The entry of HIV-1 into host cells is mediated by the binding of the envelope glycoprotein gp120 to the host cell receptor CD4. The structures of the gp120-CD4-17b complex indicate that the CD4 binding site (CD4BS) on gp120 is located in a hydrophobic cavity, termed "Phe43 cavity" where Phe43CD4 makes critical hydrophobic contacts. Studies of these structures also confirmed an important electrostatic interaction between Arg59CD4 and Asp368gp120. Similar structural mimicry of several potent broad neutralizing antibodies (bNAbs) has recently been reported. The highly conserved nature of the residues in the CD4BS of gp120 and their role in binding to CD4 and CD4BS targeted bNAbs validates this site as a promising target for therapeutic and prophylactic intervention. Despite th remarkable diversity of the HIV-1 envelope glycoprotein sequence, glycosylation and conformational flexibility, gp120 must retain conserved domains required for binding to CD4. However, the well-conserved CD4 binding site has yet to be exploited to its full potential as a target in designing drugs to prevent HIV-1 entry, which will be the focus of our research. We were the first to identify two small molecule inhibitors, NBD-556 and NBD-557, which target the CD4BS on gp120. These molecules show unprecedented ability to induce conformational changes in gp120 similar to that of CD4;thereby, acting as agonists. Recently, we solved the structure of NBD-556 in complex with the gp120 coree, confirming that NBD-556 binds to the cavity of gp120. We used this structure to design new leads with improved anti-HIV-1 activity. However, these lead compounds showed CD4 agonist properties. In additional studies, we confirmed that a newly designed lead, NBD-11021, is a CD4 antagonist. Moreover, a recent report showed that the bNAb PGV04 targets the CD4BS but induces distinct conformational changes in gp120 that are not recognized by the 17b antibody. PGV04 thus does not induce exposure of the coreceptor binding site, suggesting that it is a CD4 antagonist not an agonist. We hypothesize that lead compounds, including NBD-11021, can be optimized by incorporating the distinct binding features of PGV04 with gp120 to produce a more potent and selective new class of HIV-1 entry inhibitors with CD4 antagonist properties. The goals of the proposed studies will be accomplished by three highly integrated specific aims.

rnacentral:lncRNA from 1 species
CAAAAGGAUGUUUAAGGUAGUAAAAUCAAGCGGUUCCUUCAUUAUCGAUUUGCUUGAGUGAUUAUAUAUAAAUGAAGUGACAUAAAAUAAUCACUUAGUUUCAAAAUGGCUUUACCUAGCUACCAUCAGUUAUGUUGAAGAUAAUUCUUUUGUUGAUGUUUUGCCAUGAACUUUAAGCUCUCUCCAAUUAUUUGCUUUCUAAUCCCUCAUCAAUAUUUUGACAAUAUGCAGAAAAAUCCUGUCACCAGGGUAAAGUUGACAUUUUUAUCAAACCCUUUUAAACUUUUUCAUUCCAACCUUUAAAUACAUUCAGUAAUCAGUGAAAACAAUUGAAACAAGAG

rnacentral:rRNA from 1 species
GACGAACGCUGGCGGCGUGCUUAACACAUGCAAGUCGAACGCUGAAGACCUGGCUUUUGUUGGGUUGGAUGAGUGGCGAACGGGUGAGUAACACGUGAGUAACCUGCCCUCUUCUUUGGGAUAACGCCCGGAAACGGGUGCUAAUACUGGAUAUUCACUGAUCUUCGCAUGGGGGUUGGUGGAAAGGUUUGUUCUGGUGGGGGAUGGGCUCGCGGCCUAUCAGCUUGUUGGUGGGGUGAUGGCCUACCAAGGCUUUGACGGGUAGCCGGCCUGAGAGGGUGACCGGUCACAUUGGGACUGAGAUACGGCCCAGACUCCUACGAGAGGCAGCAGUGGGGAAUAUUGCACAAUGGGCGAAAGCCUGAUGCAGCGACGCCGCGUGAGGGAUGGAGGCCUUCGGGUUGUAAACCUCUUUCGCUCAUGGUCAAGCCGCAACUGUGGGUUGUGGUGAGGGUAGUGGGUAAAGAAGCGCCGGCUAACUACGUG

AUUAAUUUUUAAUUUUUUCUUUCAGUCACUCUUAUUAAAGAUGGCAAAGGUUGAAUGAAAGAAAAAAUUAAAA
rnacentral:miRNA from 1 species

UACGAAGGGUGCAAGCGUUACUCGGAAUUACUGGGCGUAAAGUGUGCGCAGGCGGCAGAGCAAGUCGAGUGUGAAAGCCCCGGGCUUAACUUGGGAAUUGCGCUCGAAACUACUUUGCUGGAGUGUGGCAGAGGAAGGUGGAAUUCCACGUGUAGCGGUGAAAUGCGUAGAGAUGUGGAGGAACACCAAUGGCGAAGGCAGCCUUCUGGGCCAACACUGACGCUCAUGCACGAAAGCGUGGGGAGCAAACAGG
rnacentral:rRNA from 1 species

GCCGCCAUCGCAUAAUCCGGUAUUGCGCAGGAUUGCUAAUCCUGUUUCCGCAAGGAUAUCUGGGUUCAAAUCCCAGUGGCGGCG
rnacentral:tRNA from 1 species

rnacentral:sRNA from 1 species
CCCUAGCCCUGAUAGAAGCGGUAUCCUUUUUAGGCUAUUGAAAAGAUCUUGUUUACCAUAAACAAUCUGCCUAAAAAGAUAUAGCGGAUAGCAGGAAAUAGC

In Aim -1, the leads will be optimized through structure-guided design and medicinal chemistry.
In Aim -2, thermodynamic and kinetic properties such as enthalpy, entropy, on- and off-rates and binding affinity (KD) will be measured as well as their antiviral potency and toxicity. The x-ray structures of new inhibitors in complex with gp120 will be determined.
In Aim -3, mechanism of action will be studied and the resistant mutants of the inhibitors will be selected. The data from these studies will be used in designing potent next-generation entry inhibitors that will potentially escape resistance and be clinically relevant. The long-term goal is to develop a new class of HIV-1 entry inhibitors for pre clinical and clinical studies.

Public Health Relevance

The first step in HIV-1 infection is the entry of the virus to the host cell. The goal of this proposal is to design novel HIV-1 inhibitors that prevent virus from entering the host cells. These next generation entry inhibitors will help to expand the arsenal of drugs for AIDS therapy and prevention as microbicides.

National Institute of Health (NIH)
National Institute of Allergy and Infectious Diseases (NIAID)
Research Project (R01)
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Special Emphasis Panel (ZRG1-AARR-E (02))
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Gupta, Kailash C
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New York Blood Center
New York
United States
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Curreli, Francesca; Kwon, Young Do; Zhang, Hongtao et al. (2014) Binding mode characterization of NBD series CD4-mimetic HIV-1 entry inhibitors by X-ray structure and resistance study. Antimicrob Agents Chemother 58:5478-91